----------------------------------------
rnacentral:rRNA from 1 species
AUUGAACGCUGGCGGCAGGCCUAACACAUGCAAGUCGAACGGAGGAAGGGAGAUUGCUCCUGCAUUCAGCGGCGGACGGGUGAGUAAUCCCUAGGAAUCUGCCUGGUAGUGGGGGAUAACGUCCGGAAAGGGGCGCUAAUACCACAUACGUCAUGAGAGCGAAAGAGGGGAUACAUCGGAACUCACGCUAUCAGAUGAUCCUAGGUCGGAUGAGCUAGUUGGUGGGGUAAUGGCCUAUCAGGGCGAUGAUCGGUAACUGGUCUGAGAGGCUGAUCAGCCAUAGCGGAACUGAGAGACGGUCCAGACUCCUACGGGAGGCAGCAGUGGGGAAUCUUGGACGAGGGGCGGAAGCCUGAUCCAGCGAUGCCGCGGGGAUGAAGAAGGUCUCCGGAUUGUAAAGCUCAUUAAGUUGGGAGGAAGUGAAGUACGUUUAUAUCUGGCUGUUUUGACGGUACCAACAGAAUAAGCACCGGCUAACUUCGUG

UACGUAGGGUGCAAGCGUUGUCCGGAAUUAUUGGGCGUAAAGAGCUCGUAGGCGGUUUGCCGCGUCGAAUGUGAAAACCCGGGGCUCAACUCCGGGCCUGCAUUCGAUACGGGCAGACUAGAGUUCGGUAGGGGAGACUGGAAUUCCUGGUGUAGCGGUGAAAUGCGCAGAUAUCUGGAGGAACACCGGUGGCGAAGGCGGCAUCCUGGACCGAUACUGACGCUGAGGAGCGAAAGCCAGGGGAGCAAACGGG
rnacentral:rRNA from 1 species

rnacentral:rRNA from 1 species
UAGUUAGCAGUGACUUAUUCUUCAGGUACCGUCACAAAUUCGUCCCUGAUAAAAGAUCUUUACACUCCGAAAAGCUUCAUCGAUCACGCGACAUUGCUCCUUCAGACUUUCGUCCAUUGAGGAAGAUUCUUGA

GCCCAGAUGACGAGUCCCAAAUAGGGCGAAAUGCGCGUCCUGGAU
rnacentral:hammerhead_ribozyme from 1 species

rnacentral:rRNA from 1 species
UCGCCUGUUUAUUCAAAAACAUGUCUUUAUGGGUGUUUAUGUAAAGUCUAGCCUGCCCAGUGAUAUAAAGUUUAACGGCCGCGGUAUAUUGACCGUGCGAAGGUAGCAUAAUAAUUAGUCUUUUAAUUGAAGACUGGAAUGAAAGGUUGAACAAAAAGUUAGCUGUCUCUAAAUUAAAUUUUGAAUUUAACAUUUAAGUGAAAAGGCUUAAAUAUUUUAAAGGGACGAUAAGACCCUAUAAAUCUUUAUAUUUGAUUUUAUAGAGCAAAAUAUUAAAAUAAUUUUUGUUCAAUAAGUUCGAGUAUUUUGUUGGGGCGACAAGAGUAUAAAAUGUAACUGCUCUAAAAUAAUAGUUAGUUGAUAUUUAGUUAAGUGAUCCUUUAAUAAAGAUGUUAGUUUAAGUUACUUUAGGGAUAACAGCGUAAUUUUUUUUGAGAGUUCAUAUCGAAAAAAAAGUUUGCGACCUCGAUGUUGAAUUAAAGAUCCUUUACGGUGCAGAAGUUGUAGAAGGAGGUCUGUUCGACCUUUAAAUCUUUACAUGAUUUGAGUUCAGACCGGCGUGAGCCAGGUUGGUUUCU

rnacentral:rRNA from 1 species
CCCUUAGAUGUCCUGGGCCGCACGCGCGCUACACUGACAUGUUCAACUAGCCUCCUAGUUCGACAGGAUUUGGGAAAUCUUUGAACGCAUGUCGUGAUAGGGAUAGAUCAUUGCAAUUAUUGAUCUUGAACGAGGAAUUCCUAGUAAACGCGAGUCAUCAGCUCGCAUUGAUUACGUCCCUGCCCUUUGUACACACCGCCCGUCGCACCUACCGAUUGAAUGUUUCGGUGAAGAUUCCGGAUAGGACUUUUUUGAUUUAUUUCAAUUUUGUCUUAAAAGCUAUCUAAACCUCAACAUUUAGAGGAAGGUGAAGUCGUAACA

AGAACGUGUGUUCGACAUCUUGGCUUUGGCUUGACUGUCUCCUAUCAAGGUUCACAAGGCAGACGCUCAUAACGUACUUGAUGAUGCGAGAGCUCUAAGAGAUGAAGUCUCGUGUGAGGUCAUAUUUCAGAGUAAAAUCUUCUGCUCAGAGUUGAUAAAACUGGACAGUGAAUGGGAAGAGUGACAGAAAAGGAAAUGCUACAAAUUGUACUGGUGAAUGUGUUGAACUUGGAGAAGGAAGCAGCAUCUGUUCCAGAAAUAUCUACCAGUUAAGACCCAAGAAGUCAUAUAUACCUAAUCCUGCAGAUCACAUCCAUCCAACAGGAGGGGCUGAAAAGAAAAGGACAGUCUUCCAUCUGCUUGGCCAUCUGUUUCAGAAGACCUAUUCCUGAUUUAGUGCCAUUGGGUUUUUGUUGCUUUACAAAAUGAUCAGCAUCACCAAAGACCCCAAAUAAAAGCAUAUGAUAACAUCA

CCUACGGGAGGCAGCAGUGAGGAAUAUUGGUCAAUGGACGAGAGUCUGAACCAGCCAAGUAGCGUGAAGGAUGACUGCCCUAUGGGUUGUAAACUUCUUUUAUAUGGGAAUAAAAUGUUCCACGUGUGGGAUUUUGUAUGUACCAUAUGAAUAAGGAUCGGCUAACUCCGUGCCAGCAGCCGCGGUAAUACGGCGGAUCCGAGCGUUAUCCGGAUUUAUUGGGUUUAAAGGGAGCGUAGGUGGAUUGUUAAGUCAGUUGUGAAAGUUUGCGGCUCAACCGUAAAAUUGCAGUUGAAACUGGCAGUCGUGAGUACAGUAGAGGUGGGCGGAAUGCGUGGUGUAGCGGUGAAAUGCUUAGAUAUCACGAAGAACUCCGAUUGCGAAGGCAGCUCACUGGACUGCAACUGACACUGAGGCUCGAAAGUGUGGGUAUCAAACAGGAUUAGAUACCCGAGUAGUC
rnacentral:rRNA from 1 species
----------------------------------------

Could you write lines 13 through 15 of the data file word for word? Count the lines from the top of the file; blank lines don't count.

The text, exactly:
AGAACGUGUGUUCGACAUCUUGGCUUUGGCUUGACUGUCUCCUAUCAAGGUUCACAAGGCAGACGCUCAUAACGUACUUGAUGAUGCGAGAGCUCUAAGAGAUGAAGUCUCGUGUGAGGUCAUAUUUCAGAGUAAAAUCUUCUGCUCAGAGUUGAUAAAACUGGACAGUGAAUGGGAAGAGUGACAGAAAAGGAAAUGCUACAAAUUGUACUGGUGAAUGUGUUGAACUUGGAGAAGGAAGCAGCAUCUGUUCCAGAAAUAUCUACCAGUUAAGACCCAAGAAGUCAUAUAUACCUAAUCCUGCAGAUCACAUCCAUCCAACAGGAGGGGCUGAAAAGAAAAGGACAGUCUUCCAUCUGCUUGGCCAUCUGUUUCAGAAGACCUAUUCCUGAUUUAGUGCCAUUGGGUUUUUGUUGCUUUACAAAAUGAUCAGCAUCACCAAAGACCCCAAAUAAAAGCAUAUGAUAACAUCA

CCUACGGGAGGCAGCAGUGAGGAAUAUUGGUCAAUGGACGAGAGUCUGAACCAGCCAAGUAGCGUGAAGGAUGACUGCCCUAUGGGUUGUAAACUUCUUUUAUAUGGGAAUAAAAUGUUCCACGUGUGGGAUUUUGUAUGUACCAUAUGAAUAAGGAUCGGCUAACUCCGUGCCAGCAGCCGCGGUAAUACGGCGGAUCCGAGCGUUAUCCGGAUUUAUUGGGUUUAAAGGGAGCGUAGGUGGAUUGUUAAGUCAGUUGUGAAAGUUUGCGGCUCAACCGUAAAAUUGCAGUUGAAACUGGCAGUCGUGAGUACAGUAGAGGUGGGCGGAAUGCGUGGUGUAGCGGUGAAAUGCUUAGAUAUCACGAAGAACUCCGAUUGCGAAGGCAGCUCACUGGACUGCAACUGACACUGAGGCUCGAAAGUGUGGGUAUCAAACAGGAUUAGAUACCCGAGUAGUC
rnacentral:rRNA from 1 species